Changes in the customer experience journey are happening fast. There is no slowing down or stopping the convergence of technology and the increasing demands for quick, relevant and personalized customer interactions. The stakes are high when it comes to the customer experience and it is not just the Contact Center that needs to take notice – the customer experience is a whole company issue.
What if we could tell you the contact center can be better, faster, smarter and more successful in creating loyalty with your customers that is long lasting? Creating a better customer and agent experience has been a goal that businesses have been chasing for decades. It is finding the delicate balance between agent efficiency, self-service performance and customer expectations that continues to be the challenge for most businesses. How do you create a smarter experience for customers and agents without sacrificing something?
All this talk about modernizing the customer experience can quickly get overwhelming. You have many options to enhance the customer experience today with natural language speech, incorporating other channels like SMS, chat and even visual IVR or go all the way to leveraging the power of artificial intelligence.
Release 7.7 of Blueworx Voice Response for Linux
Contact centers today are actively looking for opportunities to leverage enhanced self-service as well as proactive outbound interactions that drive customer loyalty and reduce the cost to serve. In today’s competitive market, where maximizing customer loyalty while reducing costs are key business metrics, offering a proactive approach to common reasons customers call in is imperative. The dissemination of time-sensitive or personal information delivered quickly and consistently is a requirement to meet today’s customer demands. The essence of outbound calling or text messaging is being proactive, preemptively contacting a customer before they have to contact you for information. That is why Blueworx continues to make features like outbound calling more efficient and effective for businesses.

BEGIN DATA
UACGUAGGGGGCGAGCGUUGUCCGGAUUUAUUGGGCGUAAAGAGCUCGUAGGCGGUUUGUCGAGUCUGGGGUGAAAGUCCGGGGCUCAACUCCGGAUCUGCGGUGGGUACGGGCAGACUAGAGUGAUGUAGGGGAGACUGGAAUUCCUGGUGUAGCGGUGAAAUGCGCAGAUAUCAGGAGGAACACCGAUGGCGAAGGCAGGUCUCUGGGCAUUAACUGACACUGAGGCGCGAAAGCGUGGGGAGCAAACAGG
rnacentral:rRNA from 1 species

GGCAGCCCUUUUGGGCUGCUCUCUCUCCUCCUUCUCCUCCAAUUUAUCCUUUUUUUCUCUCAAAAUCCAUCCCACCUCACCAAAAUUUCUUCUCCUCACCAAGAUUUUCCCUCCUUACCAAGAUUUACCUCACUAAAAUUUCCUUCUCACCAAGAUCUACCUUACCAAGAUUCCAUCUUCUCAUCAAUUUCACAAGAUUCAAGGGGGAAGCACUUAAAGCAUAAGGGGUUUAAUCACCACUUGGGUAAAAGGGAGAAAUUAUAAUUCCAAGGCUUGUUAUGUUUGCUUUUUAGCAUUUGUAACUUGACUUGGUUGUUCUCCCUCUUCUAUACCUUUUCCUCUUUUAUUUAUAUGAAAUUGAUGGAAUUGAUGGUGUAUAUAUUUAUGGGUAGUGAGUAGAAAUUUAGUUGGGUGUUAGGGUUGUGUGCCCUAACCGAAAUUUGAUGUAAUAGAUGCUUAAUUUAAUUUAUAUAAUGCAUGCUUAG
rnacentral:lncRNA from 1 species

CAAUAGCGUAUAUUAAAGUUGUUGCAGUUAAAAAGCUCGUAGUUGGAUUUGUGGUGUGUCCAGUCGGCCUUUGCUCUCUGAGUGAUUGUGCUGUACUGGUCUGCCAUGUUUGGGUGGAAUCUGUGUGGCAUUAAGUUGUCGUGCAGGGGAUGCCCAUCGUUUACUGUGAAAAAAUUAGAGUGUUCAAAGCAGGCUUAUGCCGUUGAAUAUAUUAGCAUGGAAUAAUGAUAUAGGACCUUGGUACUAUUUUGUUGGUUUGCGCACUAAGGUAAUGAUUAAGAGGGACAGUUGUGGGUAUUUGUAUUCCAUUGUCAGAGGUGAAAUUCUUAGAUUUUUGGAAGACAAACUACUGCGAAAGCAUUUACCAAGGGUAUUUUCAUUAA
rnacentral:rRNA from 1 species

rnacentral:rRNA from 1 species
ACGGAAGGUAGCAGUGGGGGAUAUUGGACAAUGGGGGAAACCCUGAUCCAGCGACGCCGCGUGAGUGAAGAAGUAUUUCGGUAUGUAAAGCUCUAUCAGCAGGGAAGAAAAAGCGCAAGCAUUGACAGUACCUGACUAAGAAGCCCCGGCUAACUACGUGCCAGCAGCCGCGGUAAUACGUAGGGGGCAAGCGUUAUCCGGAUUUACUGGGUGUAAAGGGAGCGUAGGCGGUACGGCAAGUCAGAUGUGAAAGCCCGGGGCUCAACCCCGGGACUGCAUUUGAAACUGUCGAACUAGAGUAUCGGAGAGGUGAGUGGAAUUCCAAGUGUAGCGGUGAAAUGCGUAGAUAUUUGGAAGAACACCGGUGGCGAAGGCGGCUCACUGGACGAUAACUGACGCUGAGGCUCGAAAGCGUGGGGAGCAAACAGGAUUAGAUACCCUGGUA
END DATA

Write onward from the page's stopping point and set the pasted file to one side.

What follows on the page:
Touchpoints are vital to the overall customer experience. It is during these moments, when a customer reaches out to you to conduct business, that your company has the opportunity to really put its best foot forward and leave a lasting impression. When too much emphasis is placed on these moments, though, it can actually have a negative impact. It will leave the customer feeling like the only time you truly care about them is when there is something to be gained by you.
What You Really Need to Focus On is the Entire End-to-End Customer Journey
Chat automation and other forms of artificial intelligence are effective in boosting customer engagement. The micro-experiences these tools create, however, do not account for even a fraction of a customer’s entire experience with your brand. If your company defines the customer experience by only a series of touchpoints, you’re missing out on a valuable source of information.
Leveraging real-time data analytics enables a faster, more precise and effective ability to make decisions over those evaluations made with conventional data reporting. Today, Contact Centers must ensure that they are gathering and analyzing data at a fast pace in order to deliver on the ever-changing customer demands. The amount of data that is being collected from the contact center can be overwhelming and how to take advantage of that data for improving each and every customer interaction is even more challenging. That is why Blueworx continues to focus on developing key integration points for new services from artificial intelligence like IBM Watson to delivering a foundation that can enhance the delivery, collection and ability to report on key metrics and activities.